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I feel strong discomfort when seeing method signatures like the following:

public void foo(String theXml);

What will foo fo if passed a String beginning with an UTF-16 XML declaration? In my opinion, XML should be typed as either a strong XML type, like a DOM-tree or a byte-array. Thus, foo should be redeclared as:

public void foo(Byte[] theXml);

Generally, the programmer will needlessly assume, when reading theXml has a certain encoding. Often just hoping that the default one for the file library will guess correctly.

How can I motivate this to my colleagues?

Incompatible document-header encoding declarations is too weak a motivation. (Using strong type or a byte-array will discourage from naïve parsing/modification of the document.) I've seen numerous times where encoding breaks due to this kind of error.

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Make sure there's a test in your test suite which will fail if XML is wrongly handled in a String. If explaining the problem doesn't motivate, showing it happening might ...

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Thank you, that's a good answer. I was looking for something a b it more theoretical though. Maybe even philosophical. – Hugo Jun 14 '11 at 12:51
    
I'm not sure if this is a theoretical problem; more a practical one. Some western developers working with XML initially have a blind spot to the complexities of character and encoding issues. Working with content which has a good wide repertoire of 'special' characters reinforces the point that these issues exist; and from there it follows some ways must exist to handle them - and from there the solution is to understand the technology ... – alexbrn Jun 14 '11 at 13:02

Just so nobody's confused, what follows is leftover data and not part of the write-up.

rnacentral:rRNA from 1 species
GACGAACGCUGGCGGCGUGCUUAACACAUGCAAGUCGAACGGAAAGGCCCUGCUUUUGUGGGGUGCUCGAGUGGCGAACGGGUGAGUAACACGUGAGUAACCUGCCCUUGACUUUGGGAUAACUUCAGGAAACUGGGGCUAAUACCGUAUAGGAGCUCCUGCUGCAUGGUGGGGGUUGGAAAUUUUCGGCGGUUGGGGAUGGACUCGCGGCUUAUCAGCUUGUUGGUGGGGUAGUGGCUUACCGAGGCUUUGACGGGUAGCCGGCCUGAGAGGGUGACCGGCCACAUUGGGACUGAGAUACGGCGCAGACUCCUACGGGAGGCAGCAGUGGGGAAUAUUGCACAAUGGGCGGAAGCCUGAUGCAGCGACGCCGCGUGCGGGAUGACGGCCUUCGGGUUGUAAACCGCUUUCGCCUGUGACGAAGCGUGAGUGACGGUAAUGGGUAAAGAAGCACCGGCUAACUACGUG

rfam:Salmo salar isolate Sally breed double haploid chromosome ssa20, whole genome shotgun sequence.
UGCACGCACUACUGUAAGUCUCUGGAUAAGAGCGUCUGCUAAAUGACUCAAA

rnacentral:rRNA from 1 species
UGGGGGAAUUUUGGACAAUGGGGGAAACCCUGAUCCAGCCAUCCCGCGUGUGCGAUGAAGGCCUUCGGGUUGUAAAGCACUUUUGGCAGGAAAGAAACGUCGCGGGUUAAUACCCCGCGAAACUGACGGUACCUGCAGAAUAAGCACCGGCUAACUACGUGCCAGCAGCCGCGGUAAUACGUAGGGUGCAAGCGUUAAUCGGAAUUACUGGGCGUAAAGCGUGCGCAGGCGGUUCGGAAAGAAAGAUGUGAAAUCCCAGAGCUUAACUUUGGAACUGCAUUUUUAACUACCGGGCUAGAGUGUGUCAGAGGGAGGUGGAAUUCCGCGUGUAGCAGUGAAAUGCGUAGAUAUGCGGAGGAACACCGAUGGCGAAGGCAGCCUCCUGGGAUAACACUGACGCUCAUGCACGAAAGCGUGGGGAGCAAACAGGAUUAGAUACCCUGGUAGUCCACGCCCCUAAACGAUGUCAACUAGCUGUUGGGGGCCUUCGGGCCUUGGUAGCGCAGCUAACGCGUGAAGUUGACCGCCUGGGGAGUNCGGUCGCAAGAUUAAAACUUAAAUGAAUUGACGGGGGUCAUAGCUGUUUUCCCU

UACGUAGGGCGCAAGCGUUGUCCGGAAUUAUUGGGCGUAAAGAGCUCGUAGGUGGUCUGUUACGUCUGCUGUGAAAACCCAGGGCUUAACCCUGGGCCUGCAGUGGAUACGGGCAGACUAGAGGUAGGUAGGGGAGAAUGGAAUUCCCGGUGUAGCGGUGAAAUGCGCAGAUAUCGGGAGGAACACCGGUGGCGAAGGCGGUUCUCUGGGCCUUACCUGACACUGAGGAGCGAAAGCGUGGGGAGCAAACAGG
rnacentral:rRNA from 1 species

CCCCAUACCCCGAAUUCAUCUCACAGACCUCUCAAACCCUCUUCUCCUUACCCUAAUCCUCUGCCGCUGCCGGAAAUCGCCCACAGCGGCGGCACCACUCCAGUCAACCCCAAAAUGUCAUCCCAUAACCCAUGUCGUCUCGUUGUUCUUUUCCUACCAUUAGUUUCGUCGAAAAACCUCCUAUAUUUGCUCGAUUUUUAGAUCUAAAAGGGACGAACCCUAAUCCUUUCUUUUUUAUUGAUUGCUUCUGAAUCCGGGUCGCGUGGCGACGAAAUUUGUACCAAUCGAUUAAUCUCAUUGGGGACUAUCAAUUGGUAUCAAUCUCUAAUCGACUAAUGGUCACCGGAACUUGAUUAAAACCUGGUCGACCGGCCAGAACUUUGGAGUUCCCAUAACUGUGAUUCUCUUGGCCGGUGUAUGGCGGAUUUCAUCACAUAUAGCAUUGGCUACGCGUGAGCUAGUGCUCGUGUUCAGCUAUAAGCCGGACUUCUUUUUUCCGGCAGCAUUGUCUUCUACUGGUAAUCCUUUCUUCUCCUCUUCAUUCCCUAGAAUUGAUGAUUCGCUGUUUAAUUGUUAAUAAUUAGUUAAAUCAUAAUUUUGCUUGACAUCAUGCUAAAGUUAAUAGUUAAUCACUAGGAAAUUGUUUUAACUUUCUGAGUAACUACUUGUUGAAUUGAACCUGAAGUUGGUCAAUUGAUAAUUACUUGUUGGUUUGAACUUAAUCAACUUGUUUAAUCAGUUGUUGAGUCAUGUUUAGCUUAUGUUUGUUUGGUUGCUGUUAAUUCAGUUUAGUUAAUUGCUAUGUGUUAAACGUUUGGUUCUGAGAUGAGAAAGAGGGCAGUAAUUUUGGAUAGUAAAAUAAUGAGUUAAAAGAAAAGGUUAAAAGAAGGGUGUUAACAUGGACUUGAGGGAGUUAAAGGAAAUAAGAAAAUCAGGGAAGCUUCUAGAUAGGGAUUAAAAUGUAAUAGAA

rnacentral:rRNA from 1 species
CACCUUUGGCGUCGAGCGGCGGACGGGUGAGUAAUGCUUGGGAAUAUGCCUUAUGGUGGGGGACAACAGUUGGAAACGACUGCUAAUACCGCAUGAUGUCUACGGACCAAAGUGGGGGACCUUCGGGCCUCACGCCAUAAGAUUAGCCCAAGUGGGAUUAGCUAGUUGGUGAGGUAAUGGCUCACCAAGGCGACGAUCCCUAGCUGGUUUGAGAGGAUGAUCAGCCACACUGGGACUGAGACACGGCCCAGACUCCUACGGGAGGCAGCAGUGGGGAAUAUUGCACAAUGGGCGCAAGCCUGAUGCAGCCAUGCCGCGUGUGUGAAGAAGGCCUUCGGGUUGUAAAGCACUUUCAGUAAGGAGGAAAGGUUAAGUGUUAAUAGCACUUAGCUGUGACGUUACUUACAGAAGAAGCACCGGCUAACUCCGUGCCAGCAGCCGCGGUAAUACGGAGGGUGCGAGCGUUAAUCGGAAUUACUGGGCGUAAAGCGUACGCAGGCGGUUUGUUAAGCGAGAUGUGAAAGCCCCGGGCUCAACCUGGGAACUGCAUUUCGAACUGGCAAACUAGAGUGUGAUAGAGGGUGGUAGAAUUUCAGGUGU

Passing XML as a String is no more wrong than passing it as a byte[] - if the input is already decoded, you can happily ignore the decoding hints in the processing directives. You worry about making incorrect assumptions about encodings, but if you use strings, encodings are a non-issue since you don't have to decode anything. (Someone could of course be constructing the strings from raw bytes and make incorrect assumptions at that point, which of course would be a problem. But then again, if you take a byte[] argument, someone might already have a string and convert it to bytes using an incorrect charset.)

Parsing string input isn't stranger than parsing input from a decoding source like java.io.Reader or System.IO.TextReader (most XML parsers let you do so), which brings us to another topic: I would recommend against passing unparsed XML as strings or byte arrays altogether - you get more flexibility if you work with InputStreams (for sources you don't know the encoding of) and Readers (if you do know the encoding, or if the data for some reason doesn't need to be decoded). You also get the benefit that the whole document doesn't need to reside in memory before it's parsed.

So, instead of this:

public void foo(String theXml);
public void foo(byte[] theXml);
// Usage:
foo("<document />");
foo("<?xml version='1.0' encoding='UTF-8' ?><document />".getBytes("UTF-8"));

... you'd have:

public void foo(Reader source);
public void foo(InputStream source);
// Usage:
foo(new StringReader("<document />"));
foo(new ByteArrayInputStream("<?xml version='1.0' encoding='UTF-8' ?><document />"
                             .getBytes("UTF-8")));
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I guess the ones that ignore the importance of encoding will just work around your suggestion by using: foo(Encoding.Default.GetBytes(theString)). And the next one will probably make a wrapper for your class so they can just go back to using string again.

I guess that at some point care has to be taken to have some things be done correct and protecting against those who do not wish to write correct code might be a battle lost before you start.

Personally i actually always found the fact that we declare the encoding in the encoded datastream a bit odd. But that's pretty theoretical.

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I actually agree with your colleagues. There is not really a good argument for this, unless you want to save memory but then its unreadable in debugging. Encoding should be checked before it's being passed around, no matter the type.

If you however create or use a wrapper you can argue that the code is cleaner.

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